Archive for December, 2008

Mets Turn Their Attention to Starting Pitching

December 31, 2008

When I heard the breaking news regarding a three year deal worth $36 million that was offered to Derek Lowe, the name, Tom Glavine, came to mind. Again, here is a proven starter with post season experience who is riding out the back end of his career. Unlike Glavine, who was striving for baseball immortality in capturing his 300th victory, Lowe’s major concern is to get back to the East Coast.

“With me, it’s all about winning,” Lowe said. “I’ve already had contact with clubs that are interested, but they’re not ready to win.”

Prior to the winter meetings, Lowe’s agent, Scott Boras had high hopes for his client. Short of a private helicopter to shuffle his “top priority” back and forth to the Hamptons, Boras was negotiating for a contract that fell in the range of $90 million over five years. With those criteria, Boras’ intentions for Lowe are for him to finish out his career while earning $18 million a year.

“Scott is looking out for my best interest. He’s done exactly what I’ve been talking about,” added the former Dodger pitcher who will turn 36, next spring.

Mets’ GM Omar Minaya, apparently, thought otherwise. With respect to New York’s offer, the Mets’ brass felt that Lowe’s credentials would only warrant a price tag of $12 million a season.

When you look at Lowe’s overall numbers, the one interesting statistic that jumps out at you is that since 2002, he has started an average of thirty-three games per season. Lowe’s durability stems from his relaxed style of pitching which has earned him the luxury of avoiding any extended period of time on the disabled list. His body of work has evoked many a ground ball which is what makes him so appealing to a Mets’ ball club who witnessed they share of fly balls last season, i.e.; Chicago Cubs pitcher Jason Marquis’ grand salami on September 21st against young lefty Jonathon Niese.

“The team with the best chance of winning, year in and year out is where I want to go,” Lowe said.

For his career, Lowe has won more games than he has lost amassing a 126-107 won-lost record. In the past two seasons, he has equaled his strikeout total at 147.

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Move Over Mariano

December 31, 2008

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The Mets’ newly-acquired free agent, closer Francisco Rodriguez, participated in his first New York press conference earlier this month. And, I must say. I was thoroughly impressed. He showed no lack of self-confidence and reinforced his competitiveness. When asked how he would tackle the transition of pitching in New York. He replied, “I’m a city boy.”

Rodriquez, who grew up in Caracas, Valenzuela’s largest city, gave his assurance to the media that the bright lights of the Big Apple would not faze him. “I welcome the challenge and will make the necessary adjustments,” he added. When the topic regarding his over-the-top celebrations upon closing out games was addressed, he proceeded without hesitation by stating, “I do it for the fans and I feed off of their energy.”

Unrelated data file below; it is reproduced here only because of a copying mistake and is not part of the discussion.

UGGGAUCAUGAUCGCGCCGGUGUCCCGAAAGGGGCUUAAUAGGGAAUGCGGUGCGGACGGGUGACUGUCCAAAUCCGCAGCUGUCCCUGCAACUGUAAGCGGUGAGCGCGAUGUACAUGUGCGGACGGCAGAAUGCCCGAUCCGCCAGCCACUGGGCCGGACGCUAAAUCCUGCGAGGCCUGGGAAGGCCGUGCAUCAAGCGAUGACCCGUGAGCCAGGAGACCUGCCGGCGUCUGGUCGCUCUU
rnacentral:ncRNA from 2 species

Rodriguez’ herky-jerky motion has recently been a cause for concern in which some have speculated that it may lead to a possible injury. In K-rod’s defense, he replied, “this aspect of the game is out of my control.” Some scouts feel that Rodriguez has lost a little off his fastball. But, overall, he says he feels comfortable and has worked hard in perfecting his secondary pitch; a lethal change-up which is also shared by one if his new teammates, Johan Santana.

Santana, who is also from Valenzuela, is a master of the change-up and probably would not hesitate in advising Rodriquez with a few pointers on how to make it even more deceptive to hitters.

This is Our Last Goodbye

December 27, 2008

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After reading an article regarding the preliminary talks with free agent pitcher Derek Lowe, I took a look at the updated aerial views which allow for you to see the current demolition of Shea Stadium. If you haven’t seen them by now, the area which housed the field level seats has been carted away. Perhaps to a landfill in which a seagull has choked on some popcorn kernels left over from the Shea Goodbye ceremonies or a peanut shell that had still been lodged inside one of the seats. It’s just a matter of time when we will be able to witness the dismantling of the upper deck section of the ballpark and bring the overall project to a close. I would think.

The thought of never seeing another Mets’ game at Shea Stadium only began to dawn on me when those orange seats were exonerated. For some reason, watching the field disappear before my eyes; didn’t bother me. I had never been lucky enough to make my way onto the actual grass.